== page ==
An army medical expert was called in to lecture us on how to avoid falling ill. He seemed less than delighted with the response to his illustrated talk. Many of the expedition preferred to sunbathe, and those who did come spent most of the time chatting among themselves. The expert said, rather ruefully, that we were hopelessly under-trained and under-equipped. He added that we were mad to go.

Unlike many, I took him seriously, and considered leaving; but curiosity got the better of me. By this stage I just had to see how COMEX turned out.

We were all wondering where the Canadian contingent had got to. The colonel cleared things up when he explained that they would, not be coming. He asked us if we would all sign an IOU 63 COMEX for £20 to cover the resulting deficit. If we did not, COMEX would go bankrupt and the Duke of \ Edinburgh would withdraw his patronage.

For the rest of the training :period the camp was rife with rumours of people who were leaving, but I can't remember more than a handful quitting, and when the expedition arrived at Dover for the ferry it was still virtually intact. At Dover we hit the second snag. The colonel discovered that half the expedition didn't have the correct visas. So, half the coaches drove up to London to the respective embassies, while the others drove around in Belgium practising formation driving. I thought all this a bit odd: this was the fifth COMEX and I had expected Gregory to have the experience to avoid mistakes like this. I was lucky. My passport was returned by the colonel with the right stamps-on it.

To make up for lost time we drove non-stop to Zagreb, and once again I thought of leaving. It seemed obvious to me that COMEX would degenerate into a series of time-consuming errors, compensated for by marathon drives. When we drove on to Greece I was still there — by that time I couldn't have got my money back so I had to sit it out.

The drive through Turkey and points east was remarkable. The coaches were pretty unbearable, and the humour of people was at a very sour level. A coach of thirty people would usually have a third sick. Food was at a premium, and we seemed to be living on cold porridge, soup and the odd treat of dried beef. As a cook I was supposed to provide two meals a day for a coach on a budget of -El a day. I did my best, but people got extremely tired of eating chupati and bananas.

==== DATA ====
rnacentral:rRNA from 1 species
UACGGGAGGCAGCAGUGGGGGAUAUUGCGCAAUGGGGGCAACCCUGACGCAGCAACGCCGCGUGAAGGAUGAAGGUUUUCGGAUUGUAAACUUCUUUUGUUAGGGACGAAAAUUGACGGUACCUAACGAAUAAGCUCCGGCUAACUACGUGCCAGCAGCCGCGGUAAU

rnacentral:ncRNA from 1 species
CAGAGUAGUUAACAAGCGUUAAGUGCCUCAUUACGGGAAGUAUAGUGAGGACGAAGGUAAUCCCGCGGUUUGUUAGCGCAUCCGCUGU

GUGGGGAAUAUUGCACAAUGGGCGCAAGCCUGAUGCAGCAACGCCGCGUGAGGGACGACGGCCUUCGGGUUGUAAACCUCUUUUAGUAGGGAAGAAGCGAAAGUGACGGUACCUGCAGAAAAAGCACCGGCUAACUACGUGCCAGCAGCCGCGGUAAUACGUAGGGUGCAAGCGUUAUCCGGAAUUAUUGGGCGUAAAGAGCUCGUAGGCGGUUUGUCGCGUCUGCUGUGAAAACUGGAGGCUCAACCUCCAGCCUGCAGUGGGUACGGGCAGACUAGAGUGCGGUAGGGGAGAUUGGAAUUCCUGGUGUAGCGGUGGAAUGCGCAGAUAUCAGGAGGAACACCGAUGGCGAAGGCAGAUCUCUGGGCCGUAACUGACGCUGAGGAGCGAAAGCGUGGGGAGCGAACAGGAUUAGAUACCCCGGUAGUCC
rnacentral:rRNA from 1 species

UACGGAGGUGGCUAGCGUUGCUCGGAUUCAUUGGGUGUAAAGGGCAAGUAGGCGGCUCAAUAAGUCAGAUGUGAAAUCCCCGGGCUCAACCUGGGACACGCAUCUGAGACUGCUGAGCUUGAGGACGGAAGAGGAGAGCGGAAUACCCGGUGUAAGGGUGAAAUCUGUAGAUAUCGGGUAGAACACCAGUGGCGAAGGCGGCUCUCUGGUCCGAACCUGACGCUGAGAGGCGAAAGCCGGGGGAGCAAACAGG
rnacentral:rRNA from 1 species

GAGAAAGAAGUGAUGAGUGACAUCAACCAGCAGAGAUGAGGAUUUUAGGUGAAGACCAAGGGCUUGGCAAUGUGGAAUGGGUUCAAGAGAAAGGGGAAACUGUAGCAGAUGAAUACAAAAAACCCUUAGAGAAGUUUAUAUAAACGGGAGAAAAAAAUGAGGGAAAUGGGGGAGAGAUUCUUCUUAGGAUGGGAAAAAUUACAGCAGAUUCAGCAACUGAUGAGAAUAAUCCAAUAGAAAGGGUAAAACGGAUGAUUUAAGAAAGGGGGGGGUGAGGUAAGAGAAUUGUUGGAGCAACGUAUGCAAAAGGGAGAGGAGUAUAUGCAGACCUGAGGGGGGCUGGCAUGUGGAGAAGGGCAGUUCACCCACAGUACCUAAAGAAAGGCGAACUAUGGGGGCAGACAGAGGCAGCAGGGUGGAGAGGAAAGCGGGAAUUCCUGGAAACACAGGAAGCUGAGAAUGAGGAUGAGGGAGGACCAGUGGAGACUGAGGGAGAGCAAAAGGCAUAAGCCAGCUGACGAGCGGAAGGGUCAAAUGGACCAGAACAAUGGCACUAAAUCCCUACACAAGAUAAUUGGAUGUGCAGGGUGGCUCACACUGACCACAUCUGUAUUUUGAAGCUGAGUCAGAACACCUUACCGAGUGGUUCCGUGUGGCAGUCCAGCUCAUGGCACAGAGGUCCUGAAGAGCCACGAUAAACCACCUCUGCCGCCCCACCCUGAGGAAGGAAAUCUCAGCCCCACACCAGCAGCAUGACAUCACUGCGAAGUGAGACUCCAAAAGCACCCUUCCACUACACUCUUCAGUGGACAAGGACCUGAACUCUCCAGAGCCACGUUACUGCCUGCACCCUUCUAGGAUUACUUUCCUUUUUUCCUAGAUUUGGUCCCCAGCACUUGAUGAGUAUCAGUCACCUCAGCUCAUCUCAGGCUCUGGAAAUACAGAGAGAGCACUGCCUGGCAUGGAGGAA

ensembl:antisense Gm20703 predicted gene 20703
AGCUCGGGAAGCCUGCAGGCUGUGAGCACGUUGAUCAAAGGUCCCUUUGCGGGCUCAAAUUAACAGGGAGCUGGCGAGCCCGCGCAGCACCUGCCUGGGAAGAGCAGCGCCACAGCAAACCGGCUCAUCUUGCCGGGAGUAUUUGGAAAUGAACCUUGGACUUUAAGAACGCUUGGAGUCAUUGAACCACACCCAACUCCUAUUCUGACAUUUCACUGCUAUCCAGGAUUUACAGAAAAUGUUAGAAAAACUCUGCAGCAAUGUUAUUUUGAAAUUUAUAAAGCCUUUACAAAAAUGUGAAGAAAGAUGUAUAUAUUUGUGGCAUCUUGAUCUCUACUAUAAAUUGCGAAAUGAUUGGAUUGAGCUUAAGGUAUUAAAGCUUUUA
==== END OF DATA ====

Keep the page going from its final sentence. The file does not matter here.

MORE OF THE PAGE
We didn't even have the consolation of feeling we were doing anything worthwhile. Our receptions were cool, often non-existent, and when we were asked to give concerts they were at the select country clubs, haunts of the ruling elites. We had expected to meet the people. We didn't — possibly because they didn't want to meet us.

When we reached India we expected to be given a royal welcome. However, the colonel told us that things had gone slightly wrong, and that, after all, the Indians were not laying out the red carpet for us. It did not accord with his earlier assertion that it there was anywhere the Commonwealth meant anything it was India.

The coaches wandered around India until we were due to meet again in Delhi, and I admit we enjoyed those few days, free of the colonel's timetables, more than the rest of the trip put together. One hopes that the same experiences are not in store for this year's hopeful expeditioners, but the omens are not good. The lack of sponsorship for COMEX members may force people to drop out even at this late date — which would hit the whole COMEX budget. The political crisis in India could well cauSe another debacle once COMEX reaches that country.

Naturally the COMEX organisers deny there are any real problems. The colonel has his eyes on higher things than minor organisational hitches: "COMEX is one of the ways in which the rest of us can get on with life, bearing in mind that our troubles are scars of battle from a thousand years of freedom during which there has been neither opportunity nor occasion to start afresh."

Most of the people who have joined COMEX believe that they are helping to bridge the barriers of class, race and country. They may find that they are involved in a venture which has strong overtones of Pax Britannica.